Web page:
INTRO: On Tuesday, officials from the Federal Transit Agency, FTA, and the Michigan Department of Transportation held an open house on Woodward Avenue in Detroit. They want public opinion about the latest plan for new mass transit. Michigan Now’s Chris McCarus found transit riders tired of failure.
The Federal Transit Agency men from Washington say they’ll come with $25 million next year. They’re not calling it light rail anymore. Instead it’s a street car. It will make twelve stops along the curb of Woodward Avenue. It will run from downtown to Grand Boulevard. That’s 3 miles. But the money is conditional. The FTA wants all the project’s partners to work closely. They want the M1 Rail group to prove how it will gather more money to build the street car line and to operate it.
Carmine Palombo is Director of Transportation planning at SEMCOG. That’s the Southeast Michigan Council of Governments.
“M1 and that whole organization with Paul at the staff level leading it… what a commitment on the part of the private sector to invest this level of funding and trying to work within the establishment to do it. So I give them a lot of credit.”
He’s talking about Paul Childs who was at the open house but didn’t want to speak on tape. Childs did say that the street car is meant to be an economic development tool. He said he and its billionaire backers want to see more people downtown and more families that live, work and play nearby. “We want it to be like Manhattan,” Childs says. But MDOT, the FTA and Carmine Palombo from SEMCOG still need the Michigan legislature to step in. It needs to pass a law that allows someone to be in charge of mass transit.
“What I need is a regional transit authority because a lot of SEMCOG is doing we’re doing only because we don’t have a regional authority and we’re trying to step in to do that work.”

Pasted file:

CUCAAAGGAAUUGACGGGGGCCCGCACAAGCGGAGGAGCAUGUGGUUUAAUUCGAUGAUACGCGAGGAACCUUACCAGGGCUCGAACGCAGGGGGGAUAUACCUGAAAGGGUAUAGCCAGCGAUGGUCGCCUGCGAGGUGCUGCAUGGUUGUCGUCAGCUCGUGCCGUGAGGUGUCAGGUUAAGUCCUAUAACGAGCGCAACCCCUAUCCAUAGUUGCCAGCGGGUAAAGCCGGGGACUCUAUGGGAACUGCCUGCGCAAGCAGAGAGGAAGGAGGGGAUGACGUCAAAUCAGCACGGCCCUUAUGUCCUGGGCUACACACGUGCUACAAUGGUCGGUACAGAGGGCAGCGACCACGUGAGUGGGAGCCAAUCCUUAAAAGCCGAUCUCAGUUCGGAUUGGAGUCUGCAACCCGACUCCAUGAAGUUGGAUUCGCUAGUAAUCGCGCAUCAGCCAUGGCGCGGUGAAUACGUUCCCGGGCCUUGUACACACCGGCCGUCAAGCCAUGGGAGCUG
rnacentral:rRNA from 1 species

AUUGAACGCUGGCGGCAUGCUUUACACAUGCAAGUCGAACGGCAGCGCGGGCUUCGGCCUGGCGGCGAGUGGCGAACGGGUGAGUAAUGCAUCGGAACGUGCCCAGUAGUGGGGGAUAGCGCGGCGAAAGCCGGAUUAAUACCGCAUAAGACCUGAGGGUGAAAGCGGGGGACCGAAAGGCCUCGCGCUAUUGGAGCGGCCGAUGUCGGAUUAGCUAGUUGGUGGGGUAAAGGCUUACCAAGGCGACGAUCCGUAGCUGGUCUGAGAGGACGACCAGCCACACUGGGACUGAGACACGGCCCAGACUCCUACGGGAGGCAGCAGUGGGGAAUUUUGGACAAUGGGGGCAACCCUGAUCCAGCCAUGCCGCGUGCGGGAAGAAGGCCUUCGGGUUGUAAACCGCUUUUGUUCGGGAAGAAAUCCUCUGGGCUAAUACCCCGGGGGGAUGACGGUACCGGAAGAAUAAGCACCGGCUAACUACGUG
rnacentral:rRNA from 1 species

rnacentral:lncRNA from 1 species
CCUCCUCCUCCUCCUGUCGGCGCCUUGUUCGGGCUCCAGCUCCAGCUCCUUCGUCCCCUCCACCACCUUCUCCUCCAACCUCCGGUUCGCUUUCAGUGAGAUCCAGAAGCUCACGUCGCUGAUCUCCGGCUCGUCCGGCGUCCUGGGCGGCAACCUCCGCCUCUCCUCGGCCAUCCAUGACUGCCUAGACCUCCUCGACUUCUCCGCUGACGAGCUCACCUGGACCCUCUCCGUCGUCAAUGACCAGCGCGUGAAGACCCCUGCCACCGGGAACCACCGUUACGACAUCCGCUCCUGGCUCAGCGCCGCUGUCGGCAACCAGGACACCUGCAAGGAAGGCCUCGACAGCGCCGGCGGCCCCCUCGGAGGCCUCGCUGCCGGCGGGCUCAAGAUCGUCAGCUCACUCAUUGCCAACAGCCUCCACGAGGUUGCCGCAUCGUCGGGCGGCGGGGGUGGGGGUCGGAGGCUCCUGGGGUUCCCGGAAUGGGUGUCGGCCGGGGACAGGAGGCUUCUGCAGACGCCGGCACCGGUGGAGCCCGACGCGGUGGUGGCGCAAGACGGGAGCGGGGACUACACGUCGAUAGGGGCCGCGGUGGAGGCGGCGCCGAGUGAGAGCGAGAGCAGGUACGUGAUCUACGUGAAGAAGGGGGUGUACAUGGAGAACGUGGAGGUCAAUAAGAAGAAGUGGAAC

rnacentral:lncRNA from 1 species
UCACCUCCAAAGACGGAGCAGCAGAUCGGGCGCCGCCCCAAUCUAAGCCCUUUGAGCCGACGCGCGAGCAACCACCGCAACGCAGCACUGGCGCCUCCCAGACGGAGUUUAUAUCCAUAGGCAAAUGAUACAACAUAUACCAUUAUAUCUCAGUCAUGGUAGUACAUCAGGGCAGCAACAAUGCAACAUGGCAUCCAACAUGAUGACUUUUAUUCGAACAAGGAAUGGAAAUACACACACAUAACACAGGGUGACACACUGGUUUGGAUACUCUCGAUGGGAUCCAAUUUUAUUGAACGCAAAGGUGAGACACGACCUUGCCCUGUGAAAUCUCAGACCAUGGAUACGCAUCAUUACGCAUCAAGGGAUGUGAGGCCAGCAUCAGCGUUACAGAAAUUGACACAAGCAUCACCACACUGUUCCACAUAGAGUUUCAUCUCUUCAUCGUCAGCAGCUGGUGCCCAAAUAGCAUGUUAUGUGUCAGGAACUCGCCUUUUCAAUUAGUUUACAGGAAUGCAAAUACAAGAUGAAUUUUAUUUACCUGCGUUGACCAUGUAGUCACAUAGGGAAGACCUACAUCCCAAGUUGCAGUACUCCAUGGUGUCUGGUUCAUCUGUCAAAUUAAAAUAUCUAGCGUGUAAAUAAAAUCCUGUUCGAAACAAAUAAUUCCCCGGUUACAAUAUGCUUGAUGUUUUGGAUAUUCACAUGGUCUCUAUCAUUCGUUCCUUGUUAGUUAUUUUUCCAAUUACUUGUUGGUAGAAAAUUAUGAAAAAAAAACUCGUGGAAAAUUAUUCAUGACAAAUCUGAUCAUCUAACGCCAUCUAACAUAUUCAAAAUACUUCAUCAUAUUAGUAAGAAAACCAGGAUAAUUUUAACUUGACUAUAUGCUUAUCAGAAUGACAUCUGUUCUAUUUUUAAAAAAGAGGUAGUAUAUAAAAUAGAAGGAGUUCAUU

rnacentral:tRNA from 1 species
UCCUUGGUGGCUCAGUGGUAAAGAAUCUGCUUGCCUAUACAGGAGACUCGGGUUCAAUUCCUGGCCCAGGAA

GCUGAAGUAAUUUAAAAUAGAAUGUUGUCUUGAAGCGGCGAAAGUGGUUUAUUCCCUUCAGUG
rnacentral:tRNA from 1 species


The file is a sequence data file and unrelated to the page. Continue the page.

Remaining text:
Governor Snyder pushed hard for an RTA this year and failed. SEMCOG was supposed to have finished the Ann Arbor to Detroit commuter line two years ago. Wayne State University student David Hartman came to the open house on Woodward.
“I like it but it needs to be bigger than just three miles. But I know the funding constraint for that.”
But his expectations are low.
“Just with all the transportation in metro Detroit in general. Because they were going to have that commuter rail from Ann Arbor to Detroit. I was looking forward to taking that to school. But that’s not happening. And I don’t think this will happen either before I graduate.”
“This is a private real estate development project that’s being disguised as transit. It’s transit for some people. It’s not transit for all people.”
Neil Greenberg grew up in West Bloomfield. He spent several years as a transportation planner in San Francisco. He has higher expectations than just the 3 mile curbside streetcar.
“If this gets built OK fine. I’m not opposed to it. But this is just the beginning of our transit conversation. There’s an awful lot of places in the city of Detroit including metro Detroit that we’re not even talking about. Never mind M1 rail. We need to be talking about bus service, not just on Woodward, Gratiot and Michigan Ave. But we need to be talking about bus service on Puritan and Livernois and Hoover road and Farmington Road and these other places that nobody is even thinking about. Transit only works if it works for commuters. And there’s very little talk of that here.”
With MDOT, M1 Rail and FTA making decisions behind closed doors, SEMCOG is often left holding the bag… a punching bag even…. That’s what Carmine Palombo admits he’s become for transit advocates.
“This is a very process oriented type of situation. People are tired of process. I understand that. They want something to move forward. I understand that too. We’re just as frustrated. That’s the part that a lot of people don’t understand.”
FTA officials are saying construction on the street car will start next year and be finished in 2016.